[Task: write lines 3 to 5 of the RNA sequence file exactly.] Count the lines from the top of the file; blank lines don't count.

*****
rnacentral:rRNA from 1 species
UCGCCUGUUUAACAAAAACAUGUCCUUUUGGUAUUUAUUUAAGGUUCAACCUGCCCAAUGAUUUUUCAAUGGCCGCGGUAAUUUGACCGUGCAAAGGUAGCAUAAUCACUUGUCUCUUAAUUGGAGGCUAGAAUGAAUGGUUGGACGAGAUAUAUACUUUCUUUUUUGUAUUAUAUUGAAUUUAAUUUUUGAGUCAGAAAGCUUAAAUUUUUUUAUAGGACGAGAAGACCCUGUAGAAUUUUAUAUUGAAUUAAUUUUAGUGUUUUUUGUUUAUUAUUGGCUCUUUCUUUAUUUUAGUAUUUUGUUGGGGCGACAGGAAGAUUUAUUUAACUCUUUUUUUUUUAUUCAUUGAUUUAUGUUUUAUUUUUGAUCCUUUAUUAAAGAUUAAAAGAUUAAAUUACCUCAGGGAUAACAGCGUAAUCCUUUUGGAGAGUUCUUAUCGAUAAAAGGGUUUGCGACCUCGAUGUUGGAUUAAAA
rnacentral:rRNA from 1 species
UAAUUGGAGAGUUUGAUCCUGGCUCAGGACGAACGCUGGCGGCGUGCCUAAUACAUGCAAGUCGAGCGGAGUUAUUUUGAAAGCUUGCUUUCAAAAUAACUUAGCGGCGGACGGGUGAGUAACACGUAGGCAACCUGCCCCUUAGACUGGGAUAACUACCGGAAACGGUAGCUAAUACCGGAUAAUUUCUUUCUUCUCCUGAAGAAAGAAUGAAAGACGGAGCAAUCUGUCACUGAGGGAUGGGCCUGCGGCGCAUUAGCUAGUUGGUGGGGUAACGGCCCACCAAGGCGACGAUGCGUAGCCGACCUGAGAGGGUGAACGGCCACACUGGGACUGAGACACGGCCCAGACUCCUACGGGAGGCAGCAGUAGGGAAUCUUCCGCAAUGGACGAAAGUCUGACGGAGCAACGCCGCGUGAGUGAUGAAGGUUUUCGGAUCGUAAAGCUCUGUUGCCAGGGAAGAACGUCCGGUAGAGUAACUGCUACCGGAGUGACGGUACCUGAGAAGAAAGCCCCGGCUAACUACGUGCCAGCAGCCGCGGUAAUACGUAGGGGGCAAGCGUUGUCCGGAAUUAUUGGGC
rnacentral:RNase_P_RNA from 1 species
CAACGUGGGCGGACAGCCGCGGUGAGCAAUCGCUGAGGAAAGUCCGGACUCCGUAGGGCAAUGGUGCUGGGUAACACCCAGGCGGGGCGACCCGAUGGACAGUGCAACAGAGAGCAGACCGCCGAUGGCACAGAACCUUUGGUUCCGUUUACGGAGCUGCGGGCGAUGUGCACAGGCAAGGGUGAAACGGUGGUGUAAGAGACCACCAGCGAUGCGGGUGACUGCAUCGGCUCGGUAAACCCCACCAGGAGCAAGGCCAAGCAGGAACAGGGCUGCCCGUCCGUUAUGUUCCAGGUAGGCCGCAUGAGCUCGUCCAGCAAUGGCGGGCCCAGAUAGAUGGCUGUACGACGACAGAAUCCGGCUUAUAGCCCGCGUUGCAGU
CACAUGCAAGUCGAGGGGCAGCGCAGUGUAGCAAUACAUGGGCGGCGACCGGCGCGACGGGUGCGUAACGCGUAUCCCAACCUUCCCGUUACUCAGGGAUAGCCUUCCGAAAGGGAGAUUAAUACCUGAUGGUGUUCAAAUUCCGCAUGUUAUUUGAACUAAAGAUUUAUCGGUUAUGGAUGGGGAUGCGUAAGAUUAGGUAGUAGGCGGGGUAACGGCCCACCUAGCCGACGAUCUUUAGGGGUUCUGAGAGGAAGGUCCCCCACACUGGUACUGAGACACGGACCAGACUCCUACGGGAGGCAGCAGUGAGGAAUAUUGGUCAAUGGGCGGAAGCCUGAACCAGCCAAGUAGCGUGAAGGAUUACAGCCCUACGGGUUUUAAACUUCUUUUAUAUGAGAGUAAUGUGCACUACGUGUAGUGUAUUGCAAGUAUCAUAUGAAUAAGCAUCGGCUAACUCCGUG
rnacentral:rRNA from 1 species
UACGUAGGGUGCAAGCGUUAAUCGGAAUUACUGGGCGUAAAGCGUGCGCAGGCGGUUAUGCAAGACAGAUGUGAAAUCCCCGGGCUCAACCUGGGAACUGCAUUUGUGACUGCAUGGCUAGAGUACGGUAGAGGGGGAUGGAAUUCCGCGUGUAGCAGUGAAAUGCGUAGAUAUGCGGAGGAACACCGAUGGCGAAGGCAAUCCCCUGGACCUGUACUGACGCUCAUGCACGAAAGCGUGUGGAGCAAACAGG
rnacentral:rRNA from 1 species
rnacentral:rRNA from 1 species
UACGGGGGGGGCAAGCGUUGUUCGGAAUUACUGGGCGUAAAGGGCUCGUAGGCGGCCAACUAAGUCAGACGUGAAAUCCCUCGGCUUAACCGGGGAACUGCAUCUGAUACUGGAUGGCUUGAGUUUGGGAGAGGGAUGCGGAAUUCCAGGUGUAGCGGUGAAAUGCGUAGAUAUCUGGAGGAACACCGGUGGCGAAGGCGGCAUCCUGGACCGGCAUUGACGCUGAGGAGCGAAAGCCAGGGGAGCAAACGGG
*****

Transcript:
rnacentral:rRNA from 1 species
UAAUUGGAGAGUUUGAUCCUGGCUCAGGACGAACGCUGGCGGCGUGCCUAAUACAUGCAAGUCGAGCGGAGUUAUUUUGAAAGCUUGCUUUCAAAAUAACUUAGCGGCGGACGGGUGAGUAACACGUAGGCAACCUGCCCCUUAGACUGGGAUAACUACCGGAAACGGUAGCUAAUACCGGAUAAUUUCUUUCUUCUCCUGAAGAAAGAAUGAAAGACGGAGCAAUCUGUCACUGAGGGAUGGGCCUGCGGCGCAUUAGCUAGUUGGUGGGGUAACGGCCCACCAAGGCGACGAUGCGUAGCCGACCUGAGAGGGUGAACGGCCACACUGGGACUGAGACACGGCCCAGACUCCUACGGGAGGCAGCAGUAGGGAAUCUUCCGCAAUGGACGAAAGUCUGACGGAGCAACGCCGCGUGAGUGAUGAAGGUUUUCGGAUCGUAAAGCUCUGUUGCCAGGGAAGAACGUCCGGUAGAGUAACUGCUACCGGAGUGACGGUACCUGAGAAGAAAGCCCCGGCUAACUACGUGCCAGCAGCCGCGGUAAUACGUAGGGGGCAAGCGUUGUCCGGAAUUAUUGGGC
rnacentral:RNase_P_RNA from 1 species